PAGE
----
A very senior professor from a very distinguished university sought me out recently, ostensibly to talk about international human rights. His specific interest, he said, was in the relative absence of Jews from the ongoing struggle to advance humanitarian concerns. But the issue that ended up taking most of our time was: Why Jewish? That is, if one wants to do battle with, say, hunger, why not contribute directly to Oxfam rather than bother to create a whole new institutional framework — such as, in this case, Mazon: A Jewish Response to Hunger. And so on down the long line of policy issues.
I offered several responses, none of which seemed to persuade my interlocutor. First, there’s the nature of American society — more specifically, of the voluntary sector. In America, that sector relies heavily on faith-based agencies and organizations. The Catholic Charitable Bureau of the Archdiocese of Boston, for example, disbursed more than $31 million for program services in 2012. The Evangelical Lutheran Church provided $681,000 to do battle with hunger. And so on. There are, to be sure, many secular organizations that engage in “good works,” but the voluntary sector would be substantially diminished were the faith-based organizations to bow out of the ongoing pursuit of justice.
Second, many of the faith-based organizations insist that charitable work is intrinsic to their world-view. They are not inclined to drop their own commitments, to fold them into a faceless universalism.
There we come to the heart of the matter. The curious professor evidently sees the world as a set of choices between particularism and universalism, and when the problem is framed in those terms, it is easy to “vote” for universalism. My father often raised the same issue, wondering why Jews should march in protest of the Vietnam War under a specifically Jewish banner. Why not join the polyglot horde?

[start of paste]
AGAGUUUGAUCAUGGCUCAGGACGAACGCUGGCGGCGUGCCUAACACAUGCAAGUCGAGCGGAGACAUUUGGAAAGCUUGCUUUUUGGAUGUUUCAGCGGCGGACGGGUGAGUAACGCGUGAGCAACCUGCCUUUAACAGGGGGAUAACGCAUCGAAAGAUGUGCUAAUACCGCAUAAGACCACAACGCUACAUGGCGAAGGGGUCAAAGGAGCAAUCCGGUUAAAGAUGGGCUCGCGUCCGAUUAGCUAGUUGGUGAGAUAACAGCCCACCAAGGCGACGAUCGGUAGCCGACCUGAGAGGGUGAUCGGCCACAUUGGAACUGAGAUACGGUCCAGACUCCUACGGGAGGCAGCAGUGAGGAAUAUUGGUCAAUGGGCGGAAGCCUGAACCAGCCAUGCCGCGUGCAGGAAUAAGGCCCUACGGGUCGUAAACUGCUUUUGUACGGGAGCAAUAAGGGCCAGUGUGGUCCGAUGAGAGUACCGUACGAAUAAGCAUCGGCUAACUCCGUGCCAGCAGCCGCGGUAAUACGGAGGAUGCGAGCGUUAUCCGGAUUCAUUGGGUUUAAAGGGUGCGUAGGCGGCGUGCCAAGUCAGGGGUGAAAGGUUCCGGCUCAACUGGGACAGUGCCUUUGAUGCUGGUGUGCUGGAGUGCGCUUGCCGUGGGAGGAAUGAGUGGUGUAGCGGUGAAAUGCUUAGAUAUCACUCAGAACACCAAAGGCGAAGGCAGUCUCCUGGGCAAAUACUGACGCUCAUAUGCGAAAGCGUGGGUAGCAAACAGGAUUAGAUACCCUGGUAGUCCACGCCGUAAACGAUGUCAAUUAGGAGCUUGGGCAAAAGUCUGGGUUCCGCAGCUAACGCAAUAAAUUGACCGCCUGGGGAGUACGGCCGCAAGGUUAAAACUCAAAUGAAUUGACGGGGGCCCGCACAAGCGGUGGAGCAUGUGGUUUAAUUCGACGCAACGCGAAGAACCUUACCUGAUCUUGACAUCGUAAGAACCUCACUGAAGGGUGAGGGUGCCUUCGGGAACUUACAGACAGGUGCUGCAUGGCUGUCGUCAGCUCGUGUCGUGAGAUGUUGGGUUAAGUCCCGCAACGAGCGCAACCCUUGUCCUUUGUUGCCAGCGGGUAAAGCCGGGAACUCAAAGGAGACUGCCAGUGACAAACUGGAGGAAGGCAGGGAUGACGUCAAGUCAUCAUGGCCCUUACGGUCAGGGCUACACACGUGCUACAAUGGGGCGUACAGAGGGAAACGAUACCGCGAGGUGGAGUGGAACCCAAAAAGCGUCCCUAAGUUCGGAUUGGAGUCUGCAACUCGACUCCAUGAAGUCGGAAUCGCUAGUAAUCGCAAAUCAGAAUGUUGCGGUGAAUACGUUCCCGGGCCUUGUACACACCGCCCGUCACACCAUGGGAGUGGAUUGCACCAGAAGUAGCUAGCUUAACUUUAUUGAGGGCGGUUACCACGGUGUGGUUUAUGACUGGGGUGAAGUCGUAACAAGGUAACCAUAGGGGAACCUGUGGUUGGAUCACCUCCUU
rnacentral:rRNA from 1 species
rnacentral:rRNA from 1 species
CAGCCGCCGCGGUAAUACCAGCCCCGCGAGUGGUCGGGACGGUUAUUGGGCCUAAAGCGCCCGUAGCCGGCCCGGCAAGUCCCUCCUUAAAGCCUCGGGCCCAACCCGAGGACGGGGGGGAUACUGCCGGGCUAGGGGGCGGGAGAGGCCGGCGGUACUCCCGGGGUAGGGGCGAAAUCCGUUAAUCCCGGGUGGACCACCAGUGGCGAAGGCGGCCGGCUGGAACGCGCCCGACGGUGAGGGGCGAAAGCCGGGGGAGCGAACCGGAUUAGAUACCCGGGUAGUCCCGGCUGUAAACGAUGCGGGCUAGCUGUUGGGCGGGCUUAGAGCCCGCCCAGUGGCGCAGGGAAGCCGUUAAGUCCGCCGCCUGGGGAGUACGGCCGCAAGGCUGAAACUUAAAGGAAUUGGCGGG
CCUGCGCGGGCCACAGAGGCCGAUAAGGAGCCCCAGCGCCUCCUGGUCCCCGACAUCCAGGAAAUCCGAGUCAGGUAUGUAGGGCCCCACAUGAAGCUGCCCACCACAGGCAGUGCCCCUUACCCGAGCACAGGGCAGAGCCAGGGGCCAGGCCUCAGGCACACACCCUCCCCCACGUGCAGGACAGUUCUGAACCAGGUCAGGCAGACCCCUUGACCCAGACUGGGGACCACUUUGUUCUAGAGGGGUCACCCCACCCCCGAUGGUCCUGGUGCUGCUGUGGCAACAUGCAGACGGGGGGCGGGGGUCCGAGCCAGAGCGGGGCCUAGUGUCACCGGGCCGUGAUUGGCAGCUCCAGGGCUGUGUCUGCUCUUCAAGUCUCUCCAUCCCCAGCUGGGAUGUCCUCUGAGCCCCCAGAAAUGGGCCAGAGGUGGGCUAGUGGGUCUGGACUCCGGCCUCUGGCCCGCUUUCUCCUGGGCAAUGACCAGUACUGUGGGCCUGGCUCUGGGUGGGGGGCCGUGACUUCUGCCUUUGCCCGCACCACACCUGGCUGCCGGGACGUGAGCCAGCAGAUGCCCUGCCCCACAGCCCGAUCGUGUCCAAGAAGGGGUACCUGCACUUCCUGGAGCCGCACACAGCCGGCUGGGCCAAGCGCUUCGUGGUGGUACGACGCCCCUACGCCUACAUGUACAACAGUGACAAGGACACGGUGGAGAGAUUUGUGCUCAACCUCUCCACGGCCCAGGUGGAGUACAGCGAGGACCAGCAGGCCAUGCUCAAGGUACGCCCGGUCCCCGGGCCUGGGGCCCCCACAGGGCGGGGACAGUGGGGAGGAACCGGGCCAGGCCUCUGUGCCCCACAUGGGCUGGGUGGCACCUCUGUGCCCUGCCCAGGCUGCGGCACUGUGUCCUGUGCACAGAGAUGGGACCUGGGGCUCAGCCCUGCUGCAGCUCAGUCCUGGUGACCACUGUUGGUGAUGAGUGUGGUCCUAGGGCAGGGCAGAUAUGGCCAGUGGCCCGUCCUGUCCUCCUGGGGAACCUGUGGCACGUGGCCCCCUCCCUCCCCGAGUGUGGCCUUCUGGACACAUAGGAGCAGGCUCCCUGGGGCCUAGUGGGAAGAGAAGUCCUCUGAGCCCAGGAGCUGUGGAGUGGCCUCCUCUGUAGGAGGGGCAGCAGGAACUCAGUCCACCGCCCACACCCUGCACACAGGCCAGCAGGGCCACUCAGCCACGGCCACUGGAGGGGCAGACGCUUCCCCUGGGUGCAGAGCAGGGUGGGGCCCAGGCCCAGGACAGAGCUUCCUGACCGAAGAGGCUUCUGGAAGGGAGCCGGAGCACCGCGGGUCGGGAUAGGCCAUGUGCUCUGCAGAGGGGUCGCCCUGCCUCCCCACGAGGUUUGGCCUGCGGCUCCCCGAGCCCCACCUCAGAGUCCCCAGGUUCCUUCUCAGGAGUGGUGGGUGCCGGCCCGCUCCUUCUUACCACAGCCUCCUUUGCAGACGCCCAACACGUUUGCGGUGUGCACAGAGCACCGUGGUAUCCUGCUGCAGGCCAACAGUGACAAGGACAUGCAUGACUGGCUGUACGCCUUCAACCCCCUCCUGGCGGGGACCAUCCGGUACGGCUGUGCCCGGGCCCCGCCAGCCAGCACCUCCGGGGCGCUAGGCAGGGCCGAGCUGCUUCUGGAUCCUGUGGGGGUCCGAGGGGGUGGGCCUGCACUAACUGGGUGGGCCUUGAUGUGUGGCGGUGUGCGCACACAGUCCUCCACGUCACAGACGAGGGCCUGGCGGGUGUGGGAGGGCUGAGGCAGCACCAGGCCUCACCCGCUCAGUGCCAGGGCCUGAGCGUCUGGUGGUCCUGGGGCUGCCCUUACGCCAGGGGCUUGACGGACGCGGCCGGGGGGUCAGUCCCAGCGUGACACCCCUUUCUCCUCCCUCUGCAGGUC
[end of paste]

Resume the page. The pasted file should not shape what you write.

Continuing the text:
The professor’s error, and my father’s, is the assumption that there’s a neat division between the particular and the universal, as contrasted with the position — my position, in fact — that life is most interesting when we acknowledge the tension between the two and choose to live with that tension intact.
Here’s a ready illustration of what I mean: We are familiar with the tension between im ein ani li, mi li — if I am not for myself, who will be for me — on the one hand, and im ani l’atzmi mah ani — if I am only for myself, what am I? Imagine that those two perceptions were not sequential but were meant to be heard simultaneously. Nor are we permitted to be disabled by the tension, for they are immediately followed by v’im lo achshav eimatay — if not now, when? We are bound to act, even if we are pulled in opposing directions, even if the choice is fuzzier than we’d like.
We are fallible. “Justice” is not self-defining, and those who in any particular situation come to different conclusions regarding where a commitment to justice points may be acting with the purest of motives. So it is; life is filled with tough and often ambiguous choices. Yet we must choose, our uncertainty intact. For: If not now, when?
What Judaism offers is respect for the tension. It provides no solution to the tension. It joins the particular and the universal, asks of us that we do our best at balancing their differing claims and move on. We are in search of a way to get beyond the bloodless and passionless universalism of the multinational corporation and the empty and vulgar universalism of the mass media on the one hand, and beyond modernity’s nemesis, on the other, the bloody and all-too passionate particularism of the ethnos, of the clan, of the nation. We are in search of a road that restores to our lives a sense of transcendent purpose, even as our chronic uncertainty remains intact.
Transcendence and uncertainty make awkward shipmates, but there it is, the real world with all its honey, with all its thorns.
Contact Leonard Fein at firstname.lastname@example.org